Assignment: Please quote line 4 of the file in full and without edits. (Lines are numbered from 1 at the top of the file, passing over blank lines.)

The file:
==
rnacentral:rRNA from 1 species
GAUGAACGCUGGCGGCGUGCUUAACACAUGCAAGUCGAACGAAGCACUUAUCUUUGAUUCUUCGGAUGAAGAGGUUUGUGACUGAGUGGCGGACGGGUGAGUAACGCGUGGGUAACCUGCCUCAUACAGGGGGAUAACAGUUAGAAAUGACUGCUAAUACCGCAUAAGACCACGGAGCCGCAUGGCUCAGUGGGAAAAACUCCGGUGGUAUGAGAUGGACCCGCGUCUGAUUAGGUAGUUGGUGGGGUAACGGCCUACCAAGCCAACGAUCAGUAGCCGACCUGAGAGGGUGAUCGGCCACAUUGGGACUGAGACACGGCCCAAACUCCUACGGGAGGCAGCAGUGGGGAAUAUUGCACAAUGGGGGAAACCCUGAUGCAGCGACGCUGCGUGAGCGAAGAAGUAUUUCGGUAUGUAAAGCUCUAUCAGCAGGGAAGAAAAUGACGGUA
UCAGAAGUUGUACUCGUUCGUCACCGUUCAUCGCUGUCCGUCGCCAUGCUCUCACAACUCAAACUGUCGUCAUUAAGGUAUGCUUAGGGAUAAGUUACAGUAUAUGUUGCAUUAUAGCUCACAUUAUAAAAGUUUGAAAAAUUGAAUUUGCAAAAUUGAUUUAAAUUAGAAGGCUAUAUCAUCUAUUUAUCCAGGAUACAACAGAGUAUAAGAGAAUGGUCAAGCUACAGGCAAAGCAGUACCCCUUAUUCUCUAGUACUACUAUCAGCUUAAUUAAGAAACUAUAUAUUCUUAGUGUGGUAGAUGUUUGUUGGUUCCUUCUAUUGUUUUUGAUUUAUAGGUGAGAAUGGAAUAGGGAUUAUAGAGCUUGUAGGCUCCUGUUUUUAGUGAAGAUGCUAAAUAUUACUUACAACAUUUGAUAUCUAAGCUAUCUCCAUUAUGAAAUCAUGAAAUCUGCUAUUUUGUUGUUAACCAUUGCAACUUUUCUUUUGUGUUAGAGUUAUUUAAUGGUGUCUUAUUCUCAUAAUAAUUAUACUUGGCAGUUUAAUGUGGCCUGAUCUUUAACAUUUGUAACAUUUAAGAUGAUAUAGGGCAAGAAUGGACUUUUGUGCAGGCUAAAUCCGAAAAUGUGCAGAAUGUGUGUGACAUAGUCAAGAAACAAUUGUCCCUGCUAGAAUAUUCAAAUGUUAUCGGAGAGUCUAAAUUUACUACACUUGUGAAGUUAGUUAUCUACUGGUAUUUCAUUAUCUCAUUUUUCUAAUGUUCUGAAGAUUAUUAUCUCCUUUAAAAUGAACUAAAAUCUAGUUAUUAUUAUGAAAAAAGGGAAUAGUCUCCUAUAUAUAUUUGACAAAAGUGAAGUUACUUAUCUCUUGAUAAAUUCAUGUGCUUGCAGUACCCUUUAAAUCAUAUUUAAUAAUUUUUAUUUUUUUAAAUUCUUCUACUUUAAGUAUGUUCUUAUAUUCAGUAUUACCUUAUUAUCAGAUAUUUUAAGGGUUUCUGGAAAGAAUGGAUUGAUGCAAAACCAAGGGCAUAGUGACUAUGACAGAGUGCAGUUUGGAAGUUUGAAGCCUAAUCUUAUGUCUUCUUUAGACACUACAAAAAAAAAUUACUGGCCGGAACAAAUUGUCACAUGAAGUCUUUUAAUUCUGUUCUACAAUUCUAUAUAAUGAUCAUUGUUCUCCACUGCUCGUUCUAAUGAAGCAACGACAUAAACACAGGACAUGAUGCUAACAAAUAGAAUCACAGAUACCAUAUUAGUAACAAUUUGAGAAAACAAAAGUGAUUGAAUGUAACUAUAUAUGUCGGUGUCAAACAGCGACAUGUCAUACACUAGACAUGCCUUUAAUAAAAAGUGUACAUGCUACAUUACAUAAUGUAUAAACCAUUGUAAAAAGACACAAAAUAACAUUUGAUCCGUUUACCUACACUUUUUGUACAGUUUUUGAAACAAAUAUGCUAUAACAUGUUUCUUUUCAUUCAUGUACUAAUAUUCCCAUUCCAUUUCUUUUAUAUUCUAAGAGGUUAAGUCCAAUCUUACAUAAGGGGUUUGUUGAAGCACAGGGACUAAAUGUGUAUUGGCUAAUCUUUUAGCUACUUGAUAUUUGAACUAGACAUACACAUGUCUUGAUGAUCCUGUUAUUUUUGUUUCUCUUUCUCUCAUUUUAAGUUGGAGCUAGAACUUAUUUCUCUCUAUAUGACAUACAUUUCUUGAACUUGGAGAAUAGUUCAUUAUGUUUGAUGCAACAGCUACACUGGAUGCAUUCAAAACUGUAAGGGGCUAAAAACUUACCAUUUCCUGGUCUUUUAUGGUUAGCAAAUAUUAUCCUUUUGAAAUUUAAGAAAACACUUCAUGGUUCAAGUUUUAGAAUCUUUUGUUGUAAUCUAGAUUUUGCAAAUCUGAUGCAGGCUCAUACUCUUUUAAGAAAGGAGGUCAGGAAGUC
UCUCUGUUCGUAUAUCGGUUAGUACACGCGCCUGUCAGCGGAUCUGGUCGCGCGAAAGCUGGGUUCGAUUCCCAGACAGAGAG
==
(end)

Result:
UCUCUGUUCGUAUAUCGGUUAGUACACGCGCCUGUCAGCGGAUCUGGUCGCGCGAAAGCUGGGUUCGAUUCCCAGACAGAGAG